Ditch the plastic at home with these sustainable supplies for your kitchen and bath

Companies like Package Free make soap for your body, hands, and hair.

We’ve all been social distancing and spending much more time in our apartments than we probably ever imagined. As unfortunate as the situation is, life in quarantine has also given us a chance to mindfully observe the everyday habits we’ve created for ourselves—most of which probably involve some form of plastic. 

While the coronavirus has certainly created clear skies for the time being with the drop in air travel, the progress we have made with measures like the plastic bag ban is falling by the wayside. So in honor of Earth Day, we’ve found seven ways to be more sustainable at home, without a whole lot of headaches. The brands below offer simple swap-outs to “deplastify” your common household routines and say goodbye to single-use plastic bottles and brushes. We specifically sought alternatives created by small businesses, too, as this is a great time to show them support. 

The refillable bottles from Cleancult provide a clean look for your cleaning products, too.

Doing the dishes

Whether you wash dishes by hand or in the dishwasher (lucky you!), the products necessary for a proper cleaning usually come in a lot of plastic packaging, either as a large plastic container of liquid dish soap or in individual plastic pods. 

When washing your dishes by hand, a brush from Package Free Shop is a great replacement for plastic sponges. This brush with a smaller handle and bowl from Sur La Table would be great for any size apartment, where counter space may be tight. We also love this Wild Minimalist Wood Dish Brush because of the design of its head, which is also replaceable. 

If you’re living the dishwasher dream life in New York, you can go completely plastic-free with tablets, like these 100% biodegradable ones from Cleancult, or you can use their dish soap. We love their refillable containers and how transparent they are about the materials they use.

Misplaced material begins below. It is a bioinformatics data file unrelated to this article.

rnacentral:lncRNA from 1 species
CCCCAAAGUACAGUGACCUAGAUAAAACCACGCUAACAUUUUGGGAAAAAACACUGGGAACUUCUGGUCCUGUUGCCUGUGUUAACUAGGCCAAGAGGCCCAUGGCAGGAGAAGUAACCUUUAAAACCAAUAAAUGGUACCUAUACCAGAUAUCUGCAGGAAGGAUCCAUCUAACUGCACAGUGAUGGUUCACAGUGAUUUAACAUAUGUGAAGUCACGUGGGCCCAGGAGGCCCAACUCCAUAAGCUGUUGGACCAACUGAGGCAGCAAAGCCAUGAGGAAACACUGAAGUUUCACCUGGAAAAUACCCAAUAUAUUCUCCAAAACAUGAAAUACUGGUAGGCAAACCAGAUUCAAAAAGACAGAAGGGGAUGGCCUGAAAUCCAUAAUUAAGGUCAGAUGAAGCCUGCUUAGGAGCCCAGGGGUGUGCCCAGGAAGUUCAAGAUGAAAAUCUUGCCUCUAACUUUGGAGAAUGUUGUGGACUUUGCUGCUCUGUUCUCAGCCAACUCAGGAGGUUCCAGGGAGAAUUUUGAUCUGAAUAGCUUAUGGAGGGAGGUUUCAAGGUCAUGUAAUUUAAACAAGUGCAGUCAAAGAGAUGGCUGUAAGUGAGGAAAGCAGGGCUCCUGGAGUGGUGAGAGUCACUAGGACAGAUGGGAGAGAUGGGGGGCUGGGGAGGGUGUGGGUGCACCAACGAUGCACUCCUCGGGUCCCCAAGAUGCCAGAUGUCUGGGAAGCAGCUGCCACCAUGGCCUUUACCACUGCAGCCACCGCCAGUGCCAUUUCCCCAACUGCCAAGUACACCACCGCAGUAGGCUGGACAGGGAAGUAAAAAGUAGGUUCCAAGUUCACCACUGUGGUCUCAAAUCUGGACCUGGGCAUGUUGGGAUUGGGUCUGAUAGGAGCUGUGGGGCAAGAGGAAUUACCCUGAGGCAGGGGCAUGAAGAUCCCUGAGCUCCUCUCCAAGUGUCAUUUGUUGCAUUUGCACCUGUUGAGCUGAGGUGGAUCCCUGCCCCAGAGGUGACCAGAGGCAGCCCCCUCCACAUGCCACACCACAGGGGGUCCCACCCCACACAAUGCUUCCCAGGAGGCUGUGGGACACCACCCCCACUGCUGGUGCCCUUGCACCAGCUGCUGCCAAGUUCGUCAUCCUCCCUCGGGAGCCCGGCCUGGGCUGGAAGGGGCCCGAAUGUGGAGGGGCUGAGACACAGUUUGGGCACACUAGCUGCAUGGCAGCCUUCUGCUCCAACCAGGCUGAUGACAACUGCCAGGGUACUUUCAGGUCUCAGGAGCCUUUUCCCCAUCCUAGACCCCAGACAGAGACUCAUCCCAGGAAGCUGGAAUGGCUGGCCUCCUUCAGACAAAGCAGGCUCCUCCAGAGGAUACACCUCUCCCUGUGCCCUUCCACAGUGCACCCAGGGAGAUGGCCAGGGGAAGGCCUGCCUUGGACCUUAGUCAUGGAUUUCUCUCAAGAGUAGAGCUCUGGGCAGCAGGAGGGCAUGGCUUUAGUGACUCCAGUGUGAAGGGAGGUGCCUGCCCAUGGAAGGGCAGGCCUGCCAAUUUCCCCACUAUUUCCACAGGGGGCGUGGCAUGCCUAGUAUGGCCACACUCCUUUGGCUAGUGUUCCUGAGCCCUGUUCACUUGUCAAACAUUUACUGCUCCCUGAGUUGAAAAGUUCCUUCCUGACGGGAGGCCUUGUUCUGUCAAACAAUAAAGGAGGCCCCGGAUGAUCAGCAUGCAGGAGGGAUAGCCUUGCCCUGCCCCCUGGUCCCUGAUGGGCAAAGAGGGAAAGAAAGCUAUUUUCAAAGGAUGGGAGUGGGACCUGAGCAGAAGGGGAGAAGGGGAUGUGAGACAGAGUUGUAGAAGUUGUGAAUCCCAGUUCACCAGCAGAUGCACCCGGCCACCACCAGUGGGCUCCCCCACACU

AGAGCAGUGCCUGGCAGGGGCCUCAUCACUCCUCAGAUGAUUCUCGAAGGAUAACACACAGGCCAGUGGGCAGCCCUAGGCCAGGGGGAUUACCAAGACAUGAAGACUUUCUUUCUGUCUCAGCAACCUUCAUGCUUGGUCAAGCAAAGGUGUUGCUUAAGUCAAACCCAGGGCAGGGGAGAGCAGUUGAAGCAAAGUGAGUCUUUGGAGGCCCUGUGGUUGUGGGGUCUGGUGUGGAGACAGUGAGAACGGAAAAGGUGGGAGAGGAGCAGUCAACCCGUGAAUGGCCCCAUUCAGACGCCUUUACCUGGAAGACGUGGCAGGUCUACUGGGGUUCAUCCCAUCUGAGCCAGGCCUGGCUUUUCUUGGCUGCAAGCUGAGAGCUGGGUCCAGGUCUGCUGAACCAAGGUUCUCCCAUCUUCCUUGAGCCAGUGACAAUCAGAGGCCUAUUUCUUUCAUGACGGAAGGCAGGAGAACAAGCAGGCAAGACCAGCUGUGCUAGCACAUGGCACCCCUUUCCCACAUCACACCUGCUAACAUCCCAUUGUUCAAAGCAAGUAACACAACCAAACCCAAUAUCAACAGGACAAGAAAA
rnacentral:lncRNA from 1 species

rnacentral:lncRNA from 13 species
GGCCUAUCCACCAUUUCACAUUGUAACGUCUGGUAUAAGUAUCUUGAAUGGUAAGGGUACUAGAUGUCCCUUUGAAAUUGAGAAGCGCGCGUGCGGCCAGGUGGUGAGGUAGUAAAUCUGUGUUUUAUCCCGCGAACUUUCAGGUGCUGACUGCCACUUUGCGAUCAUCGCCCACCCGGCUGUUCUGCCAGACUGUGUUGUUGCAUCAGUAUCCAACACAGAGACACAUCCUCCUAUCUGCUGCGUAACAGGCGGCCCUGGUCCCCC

Bite has created a plastic-free solution to the usual toothpaste tube.

Dental hygiene

Electric toothbrush, toothpaste, floss, and mouthwash—if you’ve been using all of those more than once a day, we applaud you on keeping up a stellar oral hygiene routine! But each of those items is made up of or contained in plastic we inevitably have to throw out. 

Instead of a single-use plastic toothbrush, bamboo toothbrushes are now all the rage. We’re fans of the OLAS toothbrush available at Credo Beauty because it’s 100% biodegradable. We also love the Brush with Bamboo company for providing toothbrushes for both adults and children, and being all types of sustainability-certified, (Green America Certified Business and USDA Certified Biobased Products to name a few). 

We’ve been used to the classic toothpaste in a tube and mouthwash in a bottle combo because that’s all we’ve ever known, but we love seeing companies find solutions to going plastic-free while still keeping our teeth clean. Try Mouthwash tablets from Package Free shop if you’re looking to freshen your breath with simple ingredients. And powder toothpaste is becoming a thing these days with brands like Bite, who is making fun-flavored toothpaste bits that just require you to bite down and start brushing. 

EcoRoot’s compostable floss is also coated in good-for-your-breath activated charcoal.

We hadn’t really thought about dental floss and how it has absolutely no chance of ever being recycled. Luckily, there are now companies creating zero waste floss out of unique ingredients in refillable glass containers. Package Free shop’s Dental Floss is made of mulberry silk and vegan candelilla wax, while EcoRoot’s Zero Waste Floss is bamboo-based

Storing your leftovers or packing a picnic

While you’re preparing and eating all of your meals at home, you may start to realize how much package waste has gone into the lunches you previously brought to work or bought out. Living in New York, we have the luxury of so many dining options it can be hard to realize how much waste we produce on a regular basis, even from the most well-intentioned restaurants. As Americans become more conscious of the single-use plastic and general waste that’s produced from taking food on the go, a lot of companies are creating interesting solutions to the problem.